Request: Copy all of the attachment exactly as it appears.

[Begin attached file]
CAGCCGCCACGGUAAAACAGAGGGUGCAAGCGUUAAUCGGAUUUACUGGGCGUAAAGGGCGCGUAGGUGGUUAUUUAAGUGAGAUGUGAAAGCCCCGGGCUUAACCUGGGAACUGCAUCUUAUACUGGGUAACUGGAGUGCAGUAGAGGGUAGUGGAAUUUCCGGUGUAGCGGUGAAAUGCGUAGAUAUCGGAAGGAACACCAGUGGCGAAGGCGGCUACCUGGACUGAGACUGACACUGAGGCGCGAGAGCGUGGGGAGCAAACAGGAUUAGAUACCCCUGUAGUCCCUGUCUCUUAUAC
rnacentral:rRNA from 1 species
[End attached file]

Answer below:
CAGCCGCCACGGUAAAACAGAGGGUGCAAGCGUUAAUCGGAUUUACUGGGCGUAAAGGGCGCGUAGGUGGUUAUUUAAGUGAGAUGUGAAAGCCCCGGGCUUAACCUGGGAACUGCAUCUUAUACUGGGUAACUGGAGUGCAGUAGAGGGUAGUGGAAUUUCCGGUGUAGCGGUGAAAUGCGUAGAUAUCGGAAGGAACACCAGUGGCGAAGGCGGCUACCUGGACUGAGACUGACACUGAGGCGCGAGAGCGUGGGGAGCAAACAGGAUUAGAUACCCCUGUAGUCCCUGUCUCUUAUAC
rnacentral:rRNA from 1 species